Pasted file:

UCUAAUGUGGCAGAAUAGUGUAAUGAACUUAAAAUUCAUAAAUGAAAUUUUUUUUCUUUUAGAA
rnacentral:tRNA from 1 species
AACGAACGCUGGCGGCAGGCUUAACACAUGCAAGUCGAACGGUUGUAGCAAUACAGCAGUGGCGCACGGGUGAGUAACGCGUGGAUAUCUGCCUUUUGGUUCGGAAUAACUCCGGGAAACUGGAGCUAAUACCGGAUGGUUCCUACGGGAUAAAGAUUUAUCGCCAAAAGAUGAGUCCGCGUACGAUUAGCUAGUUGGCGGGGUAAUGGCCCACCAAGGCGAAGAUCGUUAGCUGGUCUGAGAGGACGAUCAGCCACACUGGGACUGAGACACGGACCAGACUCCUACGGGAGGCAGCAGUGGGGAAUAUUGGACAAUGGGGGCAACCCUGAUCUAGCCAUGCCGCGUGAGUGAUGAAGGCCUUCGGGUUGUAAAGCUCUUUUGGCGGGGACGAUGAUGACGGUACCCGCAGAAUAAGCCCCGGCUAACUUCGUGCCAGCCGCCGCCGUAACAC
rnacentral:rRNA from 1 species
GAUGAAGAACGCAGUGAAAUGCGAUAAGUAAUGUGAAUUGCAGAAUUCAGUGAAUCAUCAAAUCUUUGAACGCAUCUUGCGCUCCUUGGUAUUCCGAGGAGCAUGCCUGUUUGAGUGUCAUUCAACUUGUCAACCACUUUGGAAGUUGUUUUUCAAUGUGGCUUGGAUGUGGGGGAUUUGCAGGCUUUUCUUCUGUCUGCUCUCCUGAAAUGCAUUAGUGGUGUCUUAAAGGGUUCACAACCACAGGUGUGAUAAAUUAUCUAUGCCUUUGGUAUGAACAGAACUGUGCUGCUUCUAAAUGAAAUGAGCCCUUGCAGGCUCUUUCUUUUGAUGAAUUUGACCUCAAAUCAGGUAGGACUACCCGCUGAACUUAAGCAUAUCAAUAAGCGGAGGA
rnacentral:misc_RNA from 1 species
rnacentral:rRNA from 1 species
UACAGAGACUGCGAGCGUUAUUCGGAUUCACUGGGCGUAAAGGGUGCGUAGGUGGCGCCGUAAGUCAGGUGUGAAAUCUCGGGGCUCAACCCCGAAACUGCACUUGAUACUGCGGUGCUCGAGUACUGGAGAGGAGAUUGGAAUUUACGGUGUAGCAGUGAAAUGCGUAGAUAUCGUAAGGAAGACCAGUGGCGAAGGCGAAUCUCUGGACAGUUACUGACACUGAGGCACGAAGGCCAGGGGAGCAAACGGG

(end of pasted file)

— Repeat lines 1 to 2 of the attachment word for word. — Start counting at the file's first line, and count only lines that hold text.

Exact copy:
UCUAAUGUGGCAGAAUAGUGUAAUGAACUUAAAAUUCAUAAAUGAAAUUUUUUUUCUUUUAGAA
rnacentral:tRNA from 1 species